emergency fund

How Is An Emergency Fund Different From A Rainy Day Fund

In a recent interview I explain the difference between a rainy day fund and an emergency fund. I also share 6 tips to help jump start your rainy day fund.

A rainy day fund is designed to cover one-time events without blowing your monthly budget. For example, $500 set aside just in case the sump pump breaks down or if your car needs new breaks.

An  emergency fund is meant to cover all living expenses for about three to six months, during a major disruption in life like a medical illness, job loss or divorce.

Read: Need extra cash for your emergency fund?

Here are my six  tips to building up a rainy day fund:

No. 1: Make a commitment and stick to it. Starting out with a new fund doesn’t require a ton of money and significant lifestyle change, she says, make a modest commitment, like $25 a paycheck or less, and watch your fund grow. “So many people think, ‘I don’t have $200 to save,’ but they need to recognize that every little bit counts. As long as you do it routinely, that builds a cash cushion.”

No. 2: Automate savings. Have your employer take out a set amount of money from each paycheck to be deposited directly into savings. “You don’t miss the money that much and one day you will look up and see you met that goal.”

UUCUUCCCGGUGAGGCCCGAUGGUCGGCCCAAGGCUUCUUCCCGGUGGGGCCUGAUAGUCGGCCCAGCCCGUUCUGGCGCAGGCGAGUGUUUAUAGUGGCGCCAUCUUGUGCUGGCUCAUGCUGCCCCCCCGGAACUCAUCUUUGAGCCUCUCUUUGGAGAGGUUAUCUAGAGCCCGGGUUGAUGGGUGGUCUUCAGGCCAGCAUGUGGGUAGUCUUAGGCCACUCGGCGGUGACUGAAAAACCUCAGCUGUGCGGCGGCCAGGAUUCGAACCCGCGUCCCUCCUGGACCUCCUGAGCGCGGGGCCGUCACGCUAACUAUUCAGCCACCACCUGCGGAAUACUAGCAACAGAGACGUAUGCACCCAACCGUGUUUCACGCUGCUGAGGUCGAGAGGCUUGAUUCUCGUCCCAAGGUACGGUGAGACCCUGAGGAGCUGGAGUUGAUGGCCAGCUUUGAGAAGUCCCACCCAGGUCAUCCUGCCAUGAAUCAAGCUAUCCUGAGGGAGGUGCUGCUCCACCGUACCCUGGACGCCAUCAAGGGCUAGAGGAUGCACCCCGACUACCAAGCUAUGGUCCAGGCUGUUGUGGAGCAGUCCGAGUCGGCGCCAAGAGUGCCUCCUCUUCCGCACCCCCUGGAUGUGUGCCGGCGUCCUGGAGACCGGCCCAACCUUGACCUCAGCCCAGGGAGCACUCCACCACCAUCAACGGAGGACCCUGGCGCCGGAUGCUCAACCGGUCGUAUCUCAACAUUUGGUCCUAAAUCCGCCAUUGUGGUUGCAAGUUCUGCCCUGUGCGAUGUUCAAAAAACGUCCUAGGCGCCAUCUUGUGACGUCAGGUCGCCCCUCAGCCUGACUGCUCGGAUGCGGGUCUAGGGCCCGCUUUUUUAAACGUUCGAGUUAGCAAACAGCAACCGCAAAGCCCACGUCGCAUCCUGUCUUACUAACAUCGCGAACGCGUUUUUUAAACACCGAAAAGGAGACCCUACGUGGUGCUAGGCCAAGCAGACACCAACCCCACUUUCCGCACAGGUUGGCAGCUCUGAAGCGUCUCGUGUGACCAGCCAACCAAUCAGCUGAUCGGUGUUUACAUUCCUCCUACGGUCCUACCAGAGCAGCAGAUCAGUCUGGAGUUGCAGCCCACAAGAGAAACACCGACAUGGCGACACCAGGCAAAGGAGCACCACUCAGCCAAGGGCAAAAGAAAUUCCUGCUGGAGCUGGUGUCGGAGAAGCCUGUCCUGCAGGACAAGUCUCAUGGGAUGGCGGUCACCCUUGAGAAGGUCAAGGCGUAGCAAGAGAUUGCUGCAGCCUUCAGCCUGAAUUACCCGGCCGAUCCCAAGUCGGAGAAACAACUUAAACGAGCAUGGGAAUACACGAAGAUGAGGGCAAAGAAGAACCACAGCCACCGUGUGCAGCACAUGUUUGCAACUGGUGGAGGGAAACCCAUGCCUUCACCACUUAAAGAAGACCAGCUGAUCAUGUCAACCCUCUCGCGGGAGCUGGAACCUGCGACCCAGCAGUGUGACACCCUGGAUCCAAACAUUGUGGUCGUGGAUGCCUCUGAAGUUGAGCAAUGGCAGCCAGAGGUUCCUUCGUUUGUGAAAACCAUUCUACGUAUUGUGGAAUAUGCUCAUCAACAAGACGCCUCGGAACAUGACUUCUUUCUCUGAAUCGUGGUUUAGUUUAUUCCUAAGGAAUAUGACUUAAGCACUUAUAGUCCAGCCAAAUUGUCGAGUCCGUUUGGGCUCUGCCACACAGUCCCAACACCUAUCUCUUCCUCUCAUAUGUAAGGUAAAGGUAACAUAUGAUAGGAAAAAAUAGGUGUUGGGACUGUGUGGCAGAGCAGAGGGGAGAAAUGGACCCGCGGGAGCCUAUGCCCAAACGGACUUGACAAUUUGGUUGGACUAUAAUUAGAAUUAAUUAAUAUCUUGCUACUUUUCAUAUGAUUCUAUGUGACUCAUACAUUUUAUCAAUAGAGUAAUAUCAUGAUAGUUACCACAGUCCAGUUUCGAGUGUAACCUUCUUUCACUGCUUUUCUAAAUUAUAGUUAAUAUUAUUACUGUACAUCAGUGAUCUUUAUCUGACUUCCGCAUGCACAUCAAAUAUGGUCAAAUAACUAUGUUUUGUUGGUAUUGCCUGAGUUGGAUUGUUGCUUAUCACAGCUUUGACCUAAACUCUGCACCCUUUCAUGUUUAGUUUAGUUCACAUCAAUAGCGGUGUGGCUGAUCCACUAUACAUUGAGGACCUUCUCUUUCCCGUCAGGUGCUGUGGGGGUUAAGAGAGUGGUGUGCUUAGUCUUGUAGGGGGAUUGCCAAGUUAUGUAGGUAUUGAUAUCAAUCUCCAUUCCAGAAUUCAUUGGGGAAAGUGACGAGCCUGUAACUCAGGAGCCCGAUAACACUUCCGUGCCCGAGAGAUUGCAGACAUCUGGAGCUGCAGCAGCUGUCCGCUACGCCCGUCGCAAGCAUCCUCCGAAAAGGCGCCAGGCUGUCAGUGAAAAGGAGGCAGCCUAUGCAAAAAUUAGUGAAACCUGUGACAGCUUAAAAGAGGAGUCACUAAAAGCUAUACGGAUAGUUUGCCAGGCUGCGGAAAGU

No. 3: Sell what you don’t need. Every family has items they don’t need, or simply don’t use. Getting rid of furniture, electronics and the like at a garage sale or on sites like eBay.com (EBAY), to generate a cash cushion and de clutter your house.

No. 4: Use windfalls. Anytime you get an unexpected cash flow, outside of your savings, like a birthday gift, bonus or tax return, stash it away.

No. 5: Adjust withholdings from your paycheck. The average tax return is about $3,000, according to Khalfani-Cox, which means many are paying too much in taxes from their paychecks. “They’re letting the government take out too much money, and essentially giving them an interest-free loan.” She suggests adjusting the amount of money withheld from your paycheck, and boosting your income by up to $250 a month.

No. 6: Control your spending. Even though the economy is making a slow comeback, resist the urge to go on a spending spree. “People are having frugal fatigue, as we start to see some light at the end of the tunnel. Curb your spending—don’t flip back just because things are getting a little better.”

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